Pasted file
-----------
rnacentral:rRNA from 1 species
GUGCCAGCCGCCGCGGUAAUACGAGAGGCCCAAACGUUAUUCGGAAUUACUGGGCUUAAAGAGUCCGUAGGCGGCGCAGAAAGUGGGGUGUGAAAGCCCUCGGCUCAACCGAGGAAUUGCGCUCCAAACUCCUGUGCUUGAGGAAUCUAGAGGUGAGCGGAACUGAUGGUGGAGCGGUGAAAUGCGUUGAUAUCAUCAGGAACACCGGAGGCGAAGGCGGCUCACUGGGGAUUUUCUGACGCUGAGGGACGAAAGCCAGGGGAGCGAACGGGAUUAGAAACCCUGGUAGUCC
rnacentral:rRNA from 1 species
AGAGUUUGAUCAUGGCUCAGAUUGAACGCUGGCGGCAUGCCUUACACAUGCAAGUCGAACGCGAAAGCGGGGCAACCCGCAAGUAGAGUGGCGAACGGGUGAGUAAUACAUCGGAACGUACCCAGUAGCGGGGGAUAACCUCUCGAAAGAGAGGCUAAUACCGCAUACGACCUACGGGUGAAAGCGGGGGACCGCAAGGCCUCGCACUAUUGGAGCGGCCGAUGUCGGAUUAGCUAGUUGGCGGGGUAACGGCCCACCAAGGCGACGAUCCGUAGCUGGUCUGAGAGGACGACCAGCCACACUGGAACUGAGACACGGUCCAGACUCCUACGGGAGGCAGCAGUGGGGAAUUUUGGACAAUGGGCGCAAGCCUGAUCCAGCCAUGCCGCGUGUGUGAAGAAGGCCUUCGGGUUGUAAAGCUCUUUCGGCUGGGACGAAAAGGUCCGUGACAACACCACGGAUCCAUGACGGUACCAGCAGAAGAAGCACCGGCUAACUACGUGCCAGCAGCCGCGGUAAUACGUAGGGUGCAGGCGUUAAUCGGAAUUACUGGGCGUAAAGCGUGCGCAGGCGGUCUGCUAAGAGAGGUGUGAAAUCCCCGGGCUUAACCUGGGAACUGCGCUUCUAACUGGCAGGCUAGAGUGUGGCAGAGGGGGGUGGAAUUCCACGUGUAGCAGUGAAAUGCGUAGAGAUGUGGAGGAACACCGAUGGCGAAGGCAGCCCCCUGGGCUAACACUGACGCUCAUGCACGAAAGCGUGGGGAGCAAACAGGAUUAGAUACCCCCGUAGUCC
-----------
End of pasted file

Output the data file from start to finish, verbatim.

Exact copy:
rnacentral:rRNA from 1 species
GUGCCAGCCGCCGCGGUAAUACGAGAGGCCCAAACGUUAUUCGGAAUUACUGGGCUUAAAGAGUCCGUAGGCGGCGCAGAAAGUGGGGUGUGAAAGCCCUCGGCUCAACCGAGGAAUUGCGCUCCAAACUCCUGUGCUUGAGGAAUCUAGAGGUGAGCGGAACUGAUGGUGGAGCGGUGAAAUGCGUUGAUAUCAUCAGGAACACCGGAGGCGAAGGCGGCUCACUGGGGAUUUUCUGACGCUGAGGGACGAAAGCCAGGGGAGCGAACGGGAUUAGAAACCCUGGUAGUCC
rnacentral:rRNA from 1 species
AGAGUUUGAUCAUGGCUCAGAUUGAACGCUGGCGGCAUGCCUUACACAUGCAAGUCGAACGCGAAAGCGGGGCAACCCGCAAGUAGAGUGGCGAACGGGUGAGUAAUACAUCGGAACGUACCCAGUAGCGGGGGAUAACCUCUCGAAAGAGAGGCUAAUACCGCAUACGACCUACGGGUGAAAGCGGGGGACCGCAAGGCCUCGCACUAUUGGAGCGGCCGAUGUCGGAUUAGCUAGUUGGCGGGGUAACGGCCCACCAAGGCGACGAUCCGUAGCUGGUCUGAGAGGACGACCAGCCACACUGGAACUGAGACACGGUCCAGACUCCUACGGGAGGCAGCAGUGGGGAAUUUUGGACAAUGGGCGCAAGCCUGAUCCAGCCAUGCCGCGUGUGUGAAGAAGGCCUUCGGGUUGUAAAGCUCUUUCGGCUGGGACGAAAAGGUCCGUGACAACACCACGGAUCCAUGACGGUACCAGCAGAAGAAGCACCGGCUAACUACGUGCCAGCAGCCGCGGUAAUACGUAGGGUGCAGGCGUUAAUCGGAAUUACUGGGCGUAAAGCGUGCGCAGGCGGUCUGCUAAGAGAGGUGUGAAAUCCCCGGGCUUAACCUGGGAACUGCGCUUCUAACUGGCAGGCUAGAGUGUGGCAGAGGGGGGUGGAAUUCCACGUGUAGCAGUGAAAUGCGUAGAGAUGUGGAGGAACACCGAUGGCGAAGGCAGCCCCCUGGGCUAACACUGACGCUCAUGCACGAAAGCGUGGGGAGCAAACAGGAUUAGAUACCCCCGUAGUCC